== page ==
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Thread: Make Your Own Cheese
01-10-2008, 10:46 AM #1
Make Your Own Cheese
I've enjoyed all of the great info on these lists for so long! I have found
so many wonderful new and frugal ways to feed our family.
I want to give back by sharing one of my own discoveries with you all. I've
always wanted to make cheese (we make our own wine, beer, bread and yogurt
so cheese was the next logical step). Cheese has always scared me a bit
because you need special ingredients and have to carefully monitor
temperatures and the like.
Then I found Queso Blanco (as it's called in South America) or Panir (as
it's called in India). In many of my cheesemaking books, it's suggested that
this be the first cheese you make because it's so simple and you do not need
special cultures. I tried it and it's super easy, it freezes well and is a
great meat extender. It's the only cheese that doesn't melt. You can even
deep fry it and it will retain it's form. So far, we've used chunks in stir
fry, chili, curry chicken and vegetarian goulash. I'd like to bread and deep
fry some next. This cheese absorbs the flavours of whatever you cook it
with. The only thing is that you wouldn't just eat it by itself. It's a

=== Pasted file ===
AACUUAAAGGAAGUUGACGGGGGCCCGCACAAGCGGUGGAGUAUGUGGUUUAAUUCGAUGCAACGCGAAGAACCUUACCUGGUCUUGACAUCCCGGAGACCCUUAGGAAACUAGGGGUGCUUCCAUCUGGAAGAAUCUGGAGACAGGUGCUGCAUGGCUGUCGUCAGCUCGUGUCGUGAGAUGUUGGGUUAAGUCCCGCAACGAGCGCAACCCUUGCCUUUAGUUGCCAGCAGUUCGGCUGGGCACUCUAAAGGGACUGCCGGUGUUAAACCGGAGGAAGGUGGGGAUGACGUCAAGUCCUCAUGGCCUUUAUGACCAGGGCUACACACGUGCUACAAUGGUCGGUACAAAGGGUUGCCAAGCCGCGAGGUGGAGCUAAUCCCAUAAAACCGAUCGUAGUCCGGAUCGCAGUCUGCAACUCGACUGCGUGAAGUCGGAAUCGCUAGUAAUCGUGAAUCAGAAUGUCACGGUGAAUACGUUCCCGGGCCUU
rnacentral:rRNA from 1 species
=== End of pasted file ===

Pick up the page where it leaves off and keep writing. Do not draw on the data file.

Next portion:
cooking cheese, not a table cheese. I recommend that everyone try this at
least once. The benefit of using it as a meat extender is that it is protein
based and not carb-based for those on low-carbs diets.
Here's the recipe:
1. Over direct heat, warm 1 gallon of milk to 180 degrees F., stirring often
to prevent scorching (use an enamel stock pot). Maintain this temperature
for several minutes (you can use a candy thermometer or even a meat
2. Slowly add 1/4 cup white vinegar until the curds separate from the whey.
This will happen almost immediately and it will look like it has curdled
(which, technically, it has). Stir for a few minutes.
3. Line a colander with cheesecloth (try to get real cheesecloth and not the
stuff you get at the grocery store- it is finer and lasts longer). Pour the
curds and whey into the colander which you have put in a large bowl. The
whey will drain into the bowl and the curds will stay in the cheesecloth.
4. Tie the cheesecloth with string and hang over a bowl for several hours
(or overnight) to drain the rest of the whey. Once the bag has stopped
dripping the cheese is done. Note: do not squeeze the bag to try to drain
faster- you will strip the fat out of the curds).
5. Unwrap the cheese. It will now be a solid ball. Wrap in Saran Wrap and
store in the fridge for up to a week. When ready to use, cut into 1-inch
cubes. You can also freeze the cubes for use later.
Angie Mohr CA CMA
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